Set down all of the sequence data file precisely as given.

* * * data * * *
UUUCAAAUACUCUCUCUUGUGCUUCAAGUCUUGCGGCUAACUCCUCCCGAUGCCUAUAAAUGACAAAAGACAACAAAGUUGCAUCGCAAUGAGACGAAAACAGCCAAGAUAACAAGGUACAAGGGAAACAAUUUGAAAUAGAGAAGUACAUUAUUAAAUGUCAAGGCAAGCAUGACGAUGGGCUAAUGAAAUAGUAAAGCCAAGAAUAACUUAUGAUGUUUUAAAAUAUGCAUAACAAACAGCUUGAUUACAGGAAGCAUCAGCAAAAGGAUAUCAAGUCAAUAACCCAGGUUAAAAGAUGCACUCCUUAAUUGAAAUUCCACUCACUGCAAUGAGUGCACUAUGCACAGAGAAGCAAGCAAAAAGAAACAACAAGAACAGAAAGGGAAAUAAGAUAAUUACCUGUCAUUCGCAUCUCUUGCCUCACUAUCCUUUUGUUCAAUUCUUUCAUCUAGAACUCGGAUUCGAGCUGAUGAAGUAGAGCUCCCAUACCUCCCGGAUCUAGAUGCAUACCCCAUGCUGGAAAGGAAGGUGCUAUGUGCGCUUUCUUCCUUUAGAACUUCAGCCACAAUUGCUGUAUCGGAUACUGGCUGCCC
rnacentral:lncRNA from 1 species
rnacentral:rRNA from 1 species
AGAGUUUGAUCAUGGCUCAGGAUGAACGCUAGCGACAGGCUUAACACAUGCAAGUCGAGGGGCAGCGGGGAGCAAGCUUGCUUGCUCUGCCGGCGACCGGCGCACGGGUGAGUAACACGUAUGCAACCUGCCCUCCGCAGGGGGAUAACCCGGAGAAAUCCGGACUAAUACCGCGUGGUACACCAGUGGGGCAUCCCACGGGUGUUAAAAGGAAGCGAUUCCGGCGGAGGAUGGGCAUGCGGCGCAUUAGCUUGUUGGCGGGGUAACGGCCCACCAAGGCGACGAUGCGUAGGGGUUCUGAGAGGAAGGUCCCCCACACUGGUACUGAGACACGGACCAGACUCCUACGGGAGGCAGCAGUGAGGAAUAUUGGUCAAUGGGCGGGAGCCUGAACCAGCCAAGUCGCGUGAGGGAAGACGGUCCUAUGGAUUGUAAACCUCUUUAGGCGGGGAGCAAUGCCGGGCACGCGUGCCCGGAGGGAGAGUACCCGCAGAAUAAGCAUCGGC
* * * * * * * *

UUUCAAAUACUCUCUCUUGUGCUUCAAGUCUUGCGGCUAACUCCUCCCGAUGCCUAUAAAUGACAAAAGACAACAAAGUUGCAUCGCAAUGAGACGAAAACAGCCAAGAUAACAAGGUACAAGGGAAACAAUUUGAAAUAGAGAAGUACAUUAUUAAAUGUCAAGGCAAGCAUGACGAUGGGCUAAUGAAAUAGUAAAGCCAAGAAUAACUUAUGAUGUUUUAAAAUAUGCAUAACAAACAGCUUGAUUACAGGAAGCAUCAGCAAAAGGAUAUCAAGUCAAUAACCCAGGUUAAAAGAUGCACUCCUUAAUUGAAAUUCCACUCACUGCAAUGAGUGCACUAUGCACAGAGAAGCAAGCAAAAAGAAACAACAAGAACAGAAAGGGAAAUAAGAUAAUUACCUGUCAUUCGCAUCUCUUGCCUCACUAUCCUUUUGUUCAAUUCUUUCAUCUAGAACUCGGAUUCGAGCUGAUGAAGUAGAGCUCCCAUACCUCCCGGAUCUAGAUGCAUACCCCAUGCUGGAAAGGAAGGUGCUAUGUGCGCUUUCUUCCUUUAGAACUUCAGCCACAAUUGCUGUAUCGGAUACUGGCUGCCC
rnacentral:lncRNA from 1 species
rnacentral:rRNA from 1 species
AGAGUUUGAUCAUGGCUCAGGAUGAACGCUAGCGACAGGCUUAACACAUGCAAGUCGAGGGGCAGCGGGGAGCAAGCUUGCUUGCUCUGCCGGCGACCGGCGCACGGGUGAGUAACACGUAUGCAACCUGCCCUCCGCAGGGGGAUAACCCGGAGAAAUCCGGACUAAUACCGCGUGGUACACCAGUGGGGCAUCCCACGGGUGUUAAAAGGAAGCGAUUCCGGCGGAGGAUGGGCAUGCGGCGCAUUAGCUUGUUGGCGGGGUAACGGCCCACCAAGGCGACGAUGCGUAGGGGUUCUGAGAGGAAGGUCCCCCACACUGGUACUGAGACACGGACCAGACUCCUACGGGAGGCAGCAGUGAGGAAUAUUGGUCAAUGGGCGGGAGCCUGAACCAGCCAAGUCGCGUGAGGGAAGACGGUCCUAUGGAUUGUAAACCUCUUUAGGCGGGGAGCAAUGCCGGGCACGCGUGCCCGGAGGGAGAGUACCCGCAGAAUAAGCAUCGGC